The ISS has been standing strong for twenty-five years

Believe it or not, twenty-five years ago, on November 20, 1998, the first segment of the International Space Station, Zarya (in Russian: zora), was launched into space by a proton-K rocket as tall as a 17-story building, from launch pad 81 of the Baikonur Cosmodrome.

Zarya is the base of the station. She equipped the station with electricity, storage, drive and guidance. It is 12.5 meters long and 4 meters wide.

New segments were added to it in the following years.

The first ideas about the International Space Station did not involve cooperation with the Russians. Plans for it were announced by the then US President Ronald Reagan in 1984.

It was to be called Freedom and to be built in cooperation with allies in Europe, with Japan and Canada. But the station under construction was getting more and more expensive, even to the point that it was looming to abandon the construction.

At that time, Russia had a lot of experience with space stations and – someone had already thought of inviting them to joint construction.

In addition, it was useful for the Western world to use Russian technology in the construction of the station and not to transfer it to Iran or North Korea as extremely undemocratic regimes.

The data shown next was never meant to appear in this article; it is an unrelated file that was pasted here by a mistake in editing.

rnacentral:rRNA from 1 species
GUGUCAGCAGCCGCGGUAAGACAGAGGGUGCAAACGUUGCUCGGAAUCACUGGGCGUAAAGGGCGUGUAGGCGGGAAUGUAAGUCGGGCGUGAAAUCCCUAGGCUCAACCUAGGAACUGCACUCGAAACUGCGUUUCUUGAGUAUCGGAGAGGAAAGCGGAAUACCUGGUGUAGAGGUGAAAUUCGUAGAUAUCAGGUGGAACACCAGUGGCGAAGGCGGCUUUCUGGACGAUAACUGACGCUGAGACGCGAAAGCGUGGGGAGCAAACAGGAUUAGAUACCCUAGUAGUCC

That’s how it started.

Correct, even friendly relations between the crew members always reigned at the Station. Admittedly, those relations began to deteriorate after the Russian annexation of Crimea and the invasion of Ukraine.

  • Today, the Station has numerous American, Russian, Japanese and European segments, a Canadian robotic arm, a dome for a panoramic view, etc.
  • The station has a mass of 450,000 kg. It is 109 meters long and 73 meters wide.
  • It flies at an altitude of just over 400 km and with an inclination of 51.64 degrees at a speed of 7.66 km/s. one orbit around the planet on the right in 92.9 minutes, i.e. 15.49 tours per day.
  • Two hundred sixty-nine people from 21 countries, aged from 20 to 70, of various professions stayed on it.
  • The longest stay at the Station lasted 878 days, hundreds of experiments in biology, physics, technology, etc. were performed.

Currently, the plan is for the Station to be de-orbited after 2030. Then most of the station will burn up in the Earth’s atmosphere, and some larger parts will be submerged in the Pacific Ocean.

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Glogovac Nevena-Nancy is a geodesy & geoinformatics engineer by trade and a wordsmith at heart. By holding onto fate’s rocky learning curve and her natural flair for the extraordinary, the worlds of science and creativity melted and unified into a singular path. Moreover, having been born on the same soil as the geniuses Nikola Tesla, Mihajlo Pupin and Milutin Milankovic provided an educational basis for Nevena to continue the voyages they had begun. Led simply by the curious need to discover more. A small but meaningful contribution to this personal endeavor has been joining forces with the visionary OSR team, where astrology and astronomy go back to their common roots, so 'If you want to find the secrets of the universe, think in terms of energy, frequency and vibration.'